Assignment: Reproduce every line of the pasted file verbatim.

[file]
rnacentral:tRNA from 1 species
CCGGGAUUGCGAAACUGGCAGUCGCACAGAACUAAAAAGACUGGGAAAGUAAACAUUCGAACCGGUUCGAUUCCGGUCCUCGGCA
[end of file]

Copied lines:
rnacentral:tRNA from 1 species
CCGGGAUUGCGAAACUGGCAGUCGCACAGAACUAAAAAGACUGGGAAAGUAAACAUUCGAACCGGUUCGAUUCCGGUCCUCGGCA